* shade regulations really won’t protect children enough to be worthwhile;
* high rise children have no other choice of places to play;
* it will be too costly;
* is another bureaucracy needed;
* parents could just be instructed in the use of sunscreen;
* even with sunscreen, children can only spend limited time outdoors [without shade].

No doubt you would have been able to guess much the same as I did, and “not bother with” reading the whole article.

Why examine such a folly in detail, when its nature is all but unmistakable, just from the title? Other follies may need more than the title to recognize, but once recognized, should one pursue the details? I think not.

And look where it will head if they go through with the whole thing. Laws will be needed to indicate the right number of children playing in a given park, so some will not be 'forced' to play in sunlight. Shade police will monitor numbers of children, and perhaps send surplus visitors home with advisements about sunscreen. We may even see public parks with solar panel canopies (and a crisis of vitamin D deficient children).

The program will be deemed a success because they now have control over shade and playing children. No one will examine skin cancer rates to see if the original justification for the policy was achieved.

(Cynically) soon all children will have to be in State regulated padded rooms. The lunatics are running the asylum.

The same approach can be used when Dawkins 1) concedes that science cannot prove there is no God saying there is just no reason to assert that there might be one, or when he 2) appeals to Evolution to ‘explain’ a source for an atheist morality. One can quickly, and rationally, expect intellectual floundering among concretes, just like that of the city councilors.

Richard said...

Regarding Poodles comment. I hope I have made a good case as to why not judging atheists is a mistake. Atheism is only the non-belief in God. That, by itself, accomplishes little.

Communist atheists have proven to be every bit as deadly as religious inquisitors.

Just as Pat Robertsons, Jerry Fallwel and Billy Graham pave the way for religious statism (and new inquisitors), atheists Hegel and Marx paved the way for an evil, statist implementation of atheism. America needs a new kind of KGB no more than it needs a new kind of religious police. America already has an environmental police (the EPA).

There is so much, so very much, good stuff in the World and in Man, that needs to be raised to the fore. To put it strongly, productive atheists assert positives, and do not merely reject deities. The difference matters.

Poodles said...

I did enjoy reading the link by Binswanger. I hope it becomes viral and many fundamentalists get a chance to read it, although they won't believe it is relevant, I fear.

As for judging other atheists.

I completely understand your point that fellow atheists need to be the first to call psychotic asshole on anyone who uses atheism as a means to evil, just as it should mostly be fellow christians who castrate Warren Jeffs.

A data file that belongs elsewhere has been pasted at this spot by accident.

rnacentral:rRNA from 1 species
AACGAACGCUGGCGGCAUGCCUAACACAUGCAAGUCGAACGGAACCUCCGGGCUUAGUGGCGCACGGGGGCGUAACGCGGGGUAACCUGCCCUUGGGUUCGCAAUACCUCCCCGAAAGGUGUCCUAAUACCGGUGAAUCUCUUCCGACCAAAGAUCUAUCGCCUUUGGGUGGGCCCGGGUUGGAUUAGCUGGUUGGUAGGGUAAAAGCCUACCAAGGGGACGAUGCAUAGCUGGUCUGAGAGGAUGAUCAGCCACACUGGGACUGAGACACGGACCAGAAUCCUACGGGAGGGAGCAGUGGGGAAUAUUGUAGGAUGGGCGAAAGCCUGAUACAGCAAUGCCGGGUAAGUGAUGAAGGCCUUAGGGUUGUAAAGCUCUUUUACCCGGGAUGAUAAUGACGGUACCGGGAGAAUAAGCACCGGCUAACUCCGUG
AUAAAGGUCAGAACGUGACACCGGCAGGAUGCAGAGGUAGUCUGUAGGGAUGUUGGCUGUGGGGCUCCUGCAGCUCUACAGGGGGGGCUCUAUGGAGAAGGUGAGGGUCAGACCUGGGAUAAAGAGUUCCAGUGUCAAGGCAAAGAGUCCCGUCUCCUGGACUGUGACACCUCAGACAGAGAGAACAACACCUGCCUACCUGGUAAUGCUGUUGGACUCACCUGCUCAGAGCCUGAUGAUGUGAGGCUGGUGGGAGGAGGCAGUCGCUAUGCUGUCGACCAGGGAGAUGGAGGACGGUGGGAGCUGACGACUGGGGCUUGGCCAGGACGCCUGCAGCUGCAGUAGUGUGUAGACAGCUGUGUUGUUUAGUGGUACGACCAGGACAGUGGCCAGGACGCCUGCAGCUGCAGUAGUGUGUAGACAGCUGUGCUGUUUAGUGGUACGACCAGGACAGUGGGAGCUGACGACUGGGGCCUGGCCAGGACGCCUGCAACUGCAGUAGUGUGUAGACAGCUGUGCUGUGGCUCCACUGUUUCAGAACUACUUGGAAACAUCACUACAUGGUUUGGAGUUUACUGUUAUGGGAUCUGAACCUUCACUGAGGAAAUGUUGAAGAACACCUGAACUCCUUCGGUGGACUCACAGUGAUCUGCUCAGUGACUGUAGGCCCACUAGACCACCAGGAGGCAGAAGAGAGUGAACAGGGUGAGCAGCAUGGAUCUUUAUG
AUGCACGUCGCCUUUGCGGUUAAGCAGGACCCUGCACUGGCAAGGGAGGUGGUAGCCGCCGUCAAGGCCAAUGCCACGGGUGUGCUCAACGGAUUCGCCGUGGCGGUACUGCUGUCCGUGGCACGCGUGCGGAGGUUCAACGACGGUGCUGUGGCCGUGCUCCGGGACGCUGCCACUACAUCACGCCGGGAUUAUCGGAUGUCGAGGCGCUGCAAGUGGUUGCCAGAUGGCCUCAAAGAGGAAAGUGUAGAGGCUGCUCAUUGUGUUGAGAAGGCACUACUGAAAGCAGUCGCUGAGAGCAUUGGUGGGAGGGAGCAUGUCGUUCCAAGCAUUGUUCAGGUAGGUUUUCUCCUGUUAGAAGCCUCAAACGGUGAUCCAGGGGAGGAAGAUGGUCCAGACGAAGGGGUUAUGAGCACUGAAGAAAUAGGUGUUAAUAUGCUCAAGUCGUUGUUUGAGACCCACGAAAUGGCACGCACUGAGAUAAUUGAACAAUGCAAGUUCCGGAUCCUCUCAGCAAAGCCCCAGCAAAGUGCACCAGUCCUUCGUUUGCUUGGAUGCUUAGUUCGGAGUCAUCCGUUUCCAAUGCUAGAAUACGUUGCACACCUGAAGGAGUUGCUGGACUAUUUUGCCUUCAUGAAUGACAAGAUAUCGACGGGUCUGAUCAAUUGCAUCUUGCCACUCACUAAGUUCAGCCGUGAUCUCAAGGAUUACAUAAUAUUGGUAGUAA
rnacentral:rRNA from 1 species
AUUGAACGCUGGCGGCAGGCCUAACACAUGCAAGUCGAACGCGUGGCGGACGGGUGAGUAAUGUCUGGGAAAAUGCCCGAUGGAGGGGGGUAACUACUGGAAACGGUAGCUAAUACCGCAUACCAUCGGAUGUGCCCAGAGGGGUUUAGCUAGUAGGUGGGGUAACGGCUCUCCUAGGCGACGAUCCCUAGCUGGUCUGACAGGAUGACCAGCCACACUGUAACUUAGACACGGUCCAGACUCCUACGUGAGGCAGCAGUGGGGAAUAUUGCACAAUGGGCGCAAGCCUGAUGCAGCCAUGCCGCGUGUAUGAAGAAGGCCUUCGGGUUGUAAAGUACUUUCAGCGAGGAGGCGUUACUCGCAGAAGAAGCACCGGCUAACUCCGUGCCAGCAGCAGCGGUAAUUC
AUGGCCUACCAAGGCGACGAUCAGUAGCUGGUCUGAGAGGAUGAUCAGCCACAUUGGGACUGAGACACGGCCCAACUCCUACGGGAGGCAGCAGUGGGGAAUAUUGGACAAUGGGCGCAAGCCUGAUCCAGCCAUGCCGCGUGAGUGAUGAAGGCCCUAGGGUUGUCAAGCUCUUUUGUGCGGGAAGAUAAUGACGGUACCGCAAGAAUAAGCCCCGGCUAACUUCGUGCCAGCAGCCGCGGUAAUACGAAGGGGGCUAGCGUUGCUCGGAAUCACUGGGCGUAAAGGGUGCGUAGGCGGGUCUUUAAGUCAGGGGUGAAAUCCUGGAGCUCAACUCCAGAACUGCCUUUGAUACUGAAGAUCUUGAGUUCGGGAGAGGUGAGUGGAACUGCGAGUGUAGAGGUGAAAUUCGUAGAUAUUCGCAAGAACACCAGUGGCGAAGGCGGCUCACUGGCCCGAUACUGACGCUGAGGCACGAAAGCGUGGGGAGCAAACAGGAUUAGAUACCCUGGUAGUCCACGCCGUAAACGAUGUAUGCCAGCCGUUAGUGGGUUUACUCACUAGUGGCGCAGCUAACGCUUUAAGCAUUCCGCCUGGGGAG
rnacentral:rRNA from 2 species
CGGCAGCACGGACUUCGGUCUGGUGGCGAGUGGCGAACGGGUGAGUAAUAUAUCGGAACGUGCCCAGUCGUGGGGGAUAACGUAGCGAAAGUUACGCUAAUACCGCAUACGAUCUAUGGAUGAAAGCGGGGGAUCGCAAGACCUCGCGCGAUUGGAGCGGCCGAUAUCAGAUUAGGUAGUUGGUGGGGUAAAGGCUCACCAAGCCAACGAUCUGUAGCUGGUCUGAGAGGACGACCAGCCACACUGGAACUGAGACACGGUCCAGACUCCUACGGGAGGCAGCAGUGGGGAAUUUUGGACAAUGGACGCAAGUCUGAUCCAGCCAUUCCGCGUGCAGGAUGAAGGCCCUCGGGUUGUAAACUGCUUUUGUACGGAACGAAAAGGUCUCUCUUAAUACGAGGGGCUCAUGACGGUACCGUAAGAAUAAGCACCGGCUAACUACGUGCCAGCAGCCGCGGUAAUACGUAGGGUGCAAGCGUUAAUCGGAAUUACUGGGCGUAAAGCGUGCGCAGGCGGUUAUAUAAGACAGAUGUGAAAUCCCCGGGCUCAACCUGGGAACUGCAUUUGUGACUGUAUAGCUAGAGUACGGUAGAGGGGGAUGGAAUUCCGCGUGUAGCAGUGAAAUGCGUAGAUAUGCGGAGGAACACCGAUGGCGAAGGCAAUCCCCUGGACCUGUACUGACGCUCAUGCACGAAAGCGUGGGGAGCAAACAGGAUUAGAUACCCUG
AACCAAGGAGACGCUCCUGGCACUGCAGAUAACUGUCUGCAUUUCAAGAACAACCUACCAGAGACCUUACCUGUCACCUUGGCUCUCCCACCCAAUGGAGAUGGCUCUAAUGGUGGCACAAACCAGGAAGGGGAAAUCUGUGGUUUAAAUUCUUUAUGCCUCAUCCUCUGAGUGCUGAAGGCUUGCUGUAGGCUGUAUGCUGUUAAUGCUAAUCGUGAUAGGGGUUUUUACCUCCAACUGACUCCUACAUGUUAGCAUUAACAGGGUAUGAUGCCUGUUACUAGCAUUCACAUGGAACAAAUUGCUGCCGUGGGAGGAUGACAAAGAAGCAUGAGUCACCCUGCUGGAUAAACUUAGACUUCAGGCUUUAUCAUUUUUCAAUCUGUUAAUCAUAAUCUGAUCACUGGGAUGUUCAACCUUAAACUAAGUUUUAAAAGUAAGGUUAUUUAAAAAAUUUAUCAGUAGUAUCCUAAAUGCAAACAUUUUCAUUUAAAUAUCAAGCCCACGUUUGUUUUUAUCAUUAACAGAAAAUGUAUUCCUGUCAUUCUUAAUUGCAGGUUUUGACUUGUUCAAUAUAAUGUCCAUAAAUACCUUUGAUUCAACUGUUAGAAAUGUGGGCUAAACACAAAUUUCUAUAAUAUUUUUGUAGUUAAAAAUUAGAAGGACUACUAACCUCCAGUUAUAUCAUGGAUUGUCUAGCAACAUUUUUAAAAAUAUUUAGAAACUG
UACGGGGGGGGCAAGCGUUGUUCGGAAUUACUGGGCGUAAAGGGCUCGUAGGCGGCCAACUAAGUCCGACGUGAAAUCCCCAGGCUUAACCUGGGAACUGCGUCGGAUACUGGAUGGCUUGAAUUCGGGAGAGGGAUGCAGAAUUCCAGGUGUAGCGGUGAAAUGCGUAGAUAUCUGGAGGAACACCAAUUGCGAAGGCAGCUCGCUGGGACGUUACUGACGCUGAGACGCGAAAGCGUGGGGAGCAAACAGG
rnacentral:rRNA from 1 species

However, I worry it could be taken too far.

I suppose the next logical question would be "who decides"?

Who would be the person(s) to judge other atheists, and on what grounds?

I would never be the first to decide what makes a "good" or "bad" "atheist". I have done things in my life that some people wouldn't consider "good" or "moral", should this make me a "bad atheist", or a "bad human" and who defines bad?

Who should get to make the "moral rules"? I think this makes us as bad as some of the fundamentalist christians if we start doing that.

Evil is evil, both atheism and religion have been used to perpetuate horrible atrocities, but the people that do those things should be separated from the people that follow the paths of either.

I do also agree that neither Dawkins or Hitchens delve into some of the more basic, yet, harder to comprehend parts of atheism. I don't think that diminshes their mark on getting somee people to begin thinking. They are like a catalyst. Some have become atheist from reading their works, and have left it at that. Some continue to expand their knowledge based on what initial nugget of truth was given them by either writer.

I personally don't care how far someone goes in their quest to become an atheist. If they read Harris and think, "huh, I don't really think I believe either." That is good enough for me.

Richard said...

"Who would be the person(s) to judge other atheists, and on what grounds? "

Each one of us must judge and prepare to be judged! Just as we do here. We do it with words and idea, not laws or more direct violence to the Rights and Freedoms of others.

Poodles then says,
"I have done things in my life that some people wouldn't consider "good" or "moral", should this make me a "bad atheist", or a "bad human" and who defines bad?"

However, that is not the ideological/philosophical level we are here discussing. At the level of individual judgment one does so just as one always does... "Reg Glob get lost!" or "Welcome to my blog Poodles!"

Who should get to make the "moral rules"? I think this makes us as bad as some of the fundamentalist christians if we start doing that.

Again, it depends on what you mean by rules. Were Jefferson et al. making rules, or trying to stop rules and actions whereby one man physically interfered with another through some initiated force? You come to this same judgment when you speak of the religious or atheists committing atrocities, and of setting apart such people ... jail would be a good place! Those who advocate such atrocious ideas deserve to be ostracized, ignored or intellectually challenged.

I am not disagreeing with Dawkins, Harris or Hitchens being a step in the right direction, but their influence is weakened because their arguments are either incomplete or unsupported. Sure they may generated more atheists. But, they leave room for that Dinesh D'Souza guy to fight back... and there is no deeper reasoning by which he can be shut up. It is that level of reasoning I am arguing for.

Just as the religious have tried, and are again trying, to impose their morality on others, so would 'bad; atheists. It is morally right to stand for freedom, and atheists should do so properly (not as lamely as Libertarians).